Nuclear fusion offers the tantalizing prospect of a sustainable energy source that can never be exhausted – and scientists at the Massachusetts Institute of Technology (MIT) have announced what they describe as a "watershed moment" in making the technology viable.
Fusion happens when two or more atomic nuclei merge together to create larger elements, releasing massive amounts of energy along the way – it's what powers stars like our own Sun. Getting it to work on Earth however, in a system that doesn't use up more energy than it produces, has so far not been possible.
Superconducting magnets have previously been identified as one way of generating the ultra-high temperatures required for nuclear fusion, and now researchers have produced the most powerful one yet: it's actually the first time that a magnet such as this has been able to generate a sustained magnetic field strong enough for fusion to happen.
"Fusion in a lot of ways is the ultimate clean energy source," says geophysicist Maria Zuber, from MIT. "The amount of power that is available is really game-changing."
Composing 16 plates stacked together, and standing some 3 meters (nearly 10 feet) tall, the new magnet makes use of a superconducting material called ReBCO. With a run-up time of about two weeks, it was able to reach a record-breaking magnetic field strength of 20 tesla, which the team says is enough to make nuclear fusion happen.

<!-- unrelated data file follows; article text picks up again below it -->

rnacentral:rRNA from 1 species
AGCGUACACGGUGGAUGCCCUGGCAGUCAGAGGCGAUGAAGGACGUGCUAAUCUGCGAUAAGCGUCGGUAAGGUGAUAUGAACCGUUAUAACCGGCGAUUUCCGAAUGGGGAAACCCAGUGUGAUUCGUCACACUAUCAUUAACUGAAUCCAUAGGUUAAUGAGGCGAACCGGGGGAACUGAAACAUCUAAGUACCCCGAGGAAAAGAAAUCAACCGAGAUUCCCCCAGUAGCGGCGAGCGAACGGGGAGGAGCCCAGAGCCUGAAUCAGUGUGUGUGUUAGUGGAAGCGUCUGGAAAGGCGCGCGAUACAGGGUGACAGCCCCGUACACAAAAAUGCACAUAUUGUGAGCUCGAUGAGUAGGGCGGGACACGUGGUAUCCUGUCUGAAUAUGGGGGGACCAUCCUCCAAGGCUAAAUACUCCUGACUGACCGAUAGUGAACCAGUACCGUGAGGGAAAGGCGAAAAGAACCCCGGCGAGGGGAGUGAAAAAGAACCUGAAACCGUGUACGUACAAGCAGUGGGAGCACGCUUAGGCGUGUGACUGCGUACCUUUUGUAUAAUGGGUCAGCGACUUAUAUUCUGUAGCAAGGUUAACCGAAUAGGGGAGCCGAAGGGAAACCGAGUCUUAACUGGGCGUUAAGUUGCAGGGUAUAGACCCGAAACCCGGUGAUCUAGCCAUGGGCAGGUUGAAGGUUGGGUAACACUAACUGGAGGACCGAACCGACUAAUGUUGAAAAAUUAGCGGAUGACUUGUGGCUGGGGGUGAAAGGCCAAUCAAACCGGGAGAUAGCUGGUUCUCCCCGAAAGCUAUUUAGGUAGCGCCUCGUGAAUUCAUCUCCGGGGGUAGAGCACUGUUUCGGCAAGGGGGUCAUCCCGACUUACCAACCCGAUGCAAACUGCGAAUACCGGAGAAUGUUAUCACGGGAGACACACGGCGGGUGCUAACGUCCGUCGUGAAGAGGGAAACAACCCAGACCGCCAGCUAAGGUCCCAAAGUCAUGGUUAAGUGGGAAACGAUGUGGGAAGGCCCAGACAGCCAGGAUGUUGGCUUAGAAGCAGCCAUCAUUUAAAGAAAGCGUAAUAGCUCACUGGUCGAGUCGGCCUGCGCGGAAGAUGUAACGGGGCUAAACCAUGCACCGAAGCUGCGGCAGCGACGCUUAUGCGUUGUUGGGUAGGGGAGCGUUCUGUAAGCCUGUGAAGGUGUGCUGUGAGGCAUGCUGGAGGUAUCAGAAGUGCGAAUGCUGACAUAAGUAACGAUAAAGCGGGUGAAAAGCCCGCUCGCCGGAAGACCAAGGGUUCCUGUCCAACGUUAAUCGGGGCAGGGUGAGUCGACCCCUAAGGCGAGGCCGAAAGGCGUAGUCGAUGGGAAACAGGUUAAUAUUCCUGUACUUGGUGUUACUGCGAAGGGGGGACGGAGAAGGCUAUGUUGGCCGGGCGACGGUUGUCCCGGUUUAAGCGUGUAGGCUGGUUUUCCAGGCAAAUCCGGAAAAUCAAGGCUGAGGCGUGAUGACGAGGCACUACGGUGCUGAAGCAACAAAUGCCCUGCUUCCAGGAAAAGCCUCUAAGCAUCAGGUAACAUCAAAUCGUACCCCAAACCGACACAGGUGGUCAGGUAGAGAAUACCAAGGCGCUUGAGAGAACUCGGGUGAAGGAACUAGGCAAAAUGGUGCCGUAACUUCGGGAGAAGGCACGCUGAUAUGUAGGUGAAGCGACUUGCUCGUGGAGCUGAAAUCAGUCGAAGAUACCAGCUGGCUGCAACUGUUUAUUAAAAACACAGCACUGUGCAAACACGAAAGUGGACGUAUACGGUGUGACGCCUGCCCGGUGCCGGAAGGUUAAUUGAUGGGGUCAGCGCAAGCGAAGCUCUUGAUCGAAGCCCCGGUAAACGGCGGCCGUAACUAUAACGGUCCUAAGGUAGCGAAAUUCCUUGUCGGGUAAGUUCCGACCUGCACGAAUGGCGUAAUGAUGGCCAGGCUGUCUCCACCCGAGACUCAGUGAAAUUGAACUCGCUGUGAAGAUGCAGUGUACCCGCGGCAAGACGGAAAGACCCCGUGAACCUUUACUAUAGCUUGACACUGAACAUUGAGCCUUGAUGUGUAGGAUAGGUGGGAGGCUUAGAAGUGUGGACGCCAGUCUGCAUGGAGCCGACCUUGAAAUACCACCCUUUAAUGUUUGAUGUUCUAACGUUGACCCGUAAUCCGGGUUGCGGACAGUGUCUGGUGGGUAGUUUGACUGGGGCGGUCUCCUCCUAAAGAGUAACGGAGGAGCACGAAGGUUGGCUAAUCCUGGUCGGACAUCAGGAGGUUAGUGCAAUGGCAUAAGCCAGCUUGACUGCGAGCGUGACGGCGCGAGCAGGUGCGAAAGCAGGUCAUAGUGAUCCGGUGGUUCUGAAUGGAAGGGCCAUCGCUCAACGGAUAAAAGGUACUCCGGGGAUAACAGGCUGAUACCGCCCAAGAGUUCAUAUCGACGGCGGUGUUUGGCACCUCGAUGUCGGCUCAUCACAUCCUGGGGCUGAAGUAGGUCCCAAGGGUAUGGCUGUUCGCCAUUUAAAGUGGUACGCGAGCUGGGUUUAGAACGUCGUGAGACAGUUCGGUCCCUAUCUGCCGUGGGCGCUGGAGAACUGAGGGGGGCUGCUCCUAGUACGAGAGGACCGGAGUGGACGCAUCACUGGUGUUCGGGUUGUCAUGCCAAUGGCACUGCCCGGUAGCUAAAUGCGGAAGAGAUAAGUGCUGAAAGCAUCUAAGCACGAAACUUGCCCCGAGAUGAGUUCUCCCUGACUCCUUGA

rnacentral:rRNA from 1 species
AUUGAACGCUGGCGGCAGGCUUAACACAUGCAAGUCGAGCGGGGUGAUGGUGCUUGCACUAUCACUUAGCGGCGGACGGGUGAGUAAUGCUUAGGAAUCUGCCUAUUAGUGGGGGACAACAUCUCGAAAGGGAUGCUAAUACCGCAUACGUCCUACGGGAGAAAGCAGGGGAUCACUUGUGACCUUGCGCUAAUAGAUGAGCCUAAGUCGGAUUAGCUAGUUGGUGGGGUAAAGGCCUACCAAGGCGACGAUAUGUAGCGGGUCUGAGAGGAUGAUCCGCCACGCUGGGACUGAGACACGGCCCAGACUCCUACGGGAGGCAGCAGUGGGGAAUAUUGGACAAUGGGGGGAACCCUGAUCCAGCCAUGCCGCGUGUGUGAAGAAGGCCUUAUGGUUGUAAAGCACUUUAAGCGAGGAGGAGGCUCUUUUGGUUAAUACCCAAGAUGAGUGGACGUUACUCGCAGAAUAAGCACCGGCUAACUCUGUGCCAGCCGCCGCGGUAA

Now that it's proved its capabilities, the MIT scientists and their collaborators at the startup Commonwealth Fusion Systems (CFS) can start figuring out how to fit the device into a nuclear fusion reactor. A circular tokamak design will be used, where trapped plasma can be heated up to temperatures of 100 million degrees Celsius or more, triggering the fusion reactions.
With the compact, modular magnet they've developed, the research team says it's possible to get similar performance in reactors that are 40 times smaller in volume than would have been needed before, if using conventional magnets.
The scaling of the technology is crucial for making fusion power generation practical and cost-effective, so that it can be integrated into the electricity grid.
The fuel used to power the reactor would be the hydrogen isotopes in water – and as we have a nearly unlimited supply of water at our disposal, these reactors could run indefinitely. What's more, they produce very little in the way of waste.
All the parties involved accept that there's still a lot more work to do, and plenty more hurdles to overcome, but getting a magnet with these capabilities was one of the biggest challenges the team faced – and now that challenge has been met. Now, progress can be sped up on the other parts of the project.
And we all know we don't have any time to waste. Earth's atmosphere is warming at a catastrophic rate, and a substantial reduction in carbon emissions is way overdue. Paired with two things we already should be doing right now – completely phasing out fossil fuels and implementing widely available, highly cost-effective renewable power options, a breakthrough in actually producing fusion power would be just what our planet needs.
The MIT and CFS team is hoping to have a test plant operational by 2025.
"It's a big moment," says Bob Mumgaard, CEO of CFS. "We now have a platform that is both scientifically very well-advanced, because of the decades of research on these machines, and also commercially very interesting.
"What it does is allow us to build devices faster, smaller, and at less cost."